Find Drug Labels
The Food & Drug Administration (FDA) has a searchable database for animal drugs. The database can be searched by key words, application number (NADA, ANADA), ingredients, sponsor (tradename), proprietary (manufacturer), species, dosage form, route (of administration), or indication. The database provides label information, including approved species and withdrawal times.
Scrapie Eradiciation - get scrapie tags
With few exceptions, all US sheep and goats must be officially identified when they enter commerce or ownership changes. USDA-APHIS provides official metal ear tags free of charge to producers. Plastic tags are no longer provided for free. Producers may request free tags by calling 866-USDA-TAG (873-2824). In addition, producers may purchase tags directly from approved manufacturers to fit their needs.
The American Sheep Industry Association (ASI) an online course to educate sheep producers about scrapie: A Producer's Guide to Scrapie
What's the withdrawal period?
A withdrawal period is the amount of time that must elapse (hours or days) before the meat or milk from a treated animal can be consumed. The Food Animal Residue Avoidance Database (FARAD) is a repository of comprehensive residue avoidance information. FARAD provides current label information, including withdrawal times on all drugs approved for use in food animals in the United States and on hundreds of products used in Canada, Europe, and Australia.
Since few drugs are FDA-approved for small ruminants, especially goats, several universities have developed charts showing the approximate withdrawal periods for extra label drugs for goats.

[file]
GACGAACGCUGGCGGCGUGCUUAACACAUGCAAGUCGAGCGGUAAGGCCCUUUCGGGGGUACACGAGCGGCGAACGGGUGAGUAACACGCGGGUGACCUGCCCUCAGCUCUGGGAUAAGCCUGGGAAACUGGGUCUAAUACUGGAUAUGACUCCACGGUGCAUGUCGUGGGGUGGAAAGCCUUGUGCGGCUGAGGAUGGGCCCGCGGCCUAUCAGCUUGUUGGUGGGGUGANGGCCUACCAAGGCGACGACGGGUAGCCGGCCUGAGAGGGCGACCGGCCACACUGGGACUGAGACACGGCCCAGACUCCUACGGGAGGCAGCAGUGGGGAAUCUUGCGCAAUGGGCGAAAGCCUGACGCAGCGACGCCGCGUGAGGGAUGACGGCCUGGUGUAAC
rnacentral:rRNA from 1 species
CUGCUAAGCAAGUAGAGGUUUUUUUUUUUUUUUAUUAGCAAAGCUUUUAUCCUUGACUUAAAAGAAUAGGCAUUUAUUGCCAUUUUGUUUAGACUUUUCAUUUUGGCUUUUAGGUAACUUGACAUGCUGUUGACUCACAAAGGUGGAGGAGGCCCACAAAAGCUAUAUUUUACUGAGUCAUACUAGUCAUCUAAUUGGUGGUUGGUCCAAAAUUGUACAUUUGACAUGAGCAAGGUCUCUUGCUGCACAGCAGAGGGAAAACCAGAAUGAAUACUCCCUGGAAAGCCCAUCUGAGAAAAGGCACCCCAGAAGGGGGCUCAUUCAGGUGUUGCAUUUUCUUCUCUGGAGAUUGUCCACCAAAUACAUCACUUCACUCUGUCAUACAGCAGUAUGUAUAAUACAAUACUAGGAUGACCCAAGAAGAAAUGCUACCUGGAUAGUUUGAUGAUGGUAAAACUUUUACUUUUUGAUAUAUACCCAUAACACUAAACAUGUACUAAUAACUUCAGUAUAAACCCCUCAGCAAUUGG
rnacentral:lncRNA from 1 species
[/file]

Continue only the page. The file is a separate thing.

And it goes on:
Medications Commonly Used In Goats and Withdrawal Times
Drug Use Guide: Goats
The American Consortium for Small Ruminant Parasite Control (ACSRPC) has developed deworming charts that give extra-label withdrawal periods for anthelmintics (dewormers).
Due Date Calculator
The gestation period of a doe or ewe ranges from 138 to 159 days and averages about 147 days. Use a gestation calculator to figure out when your ewes and/or does are due. You can also use a gestation table to figure out the due date.
Business Planning: How Much Money Can I Make?
With careful planning, sheep and/or goat production can be a profitable undertaking. It is recommended that all sheep and goat producers develop a business plan for their operation, especially if outside funding will be sought. A business plan is a roadmap. It allows you to plan your business before spending any money. It increases your chances of success and helps avoid costly mistakes. There are numerous tools online for developing business plans.
Space Requirements: How Big Should I Make My Barn?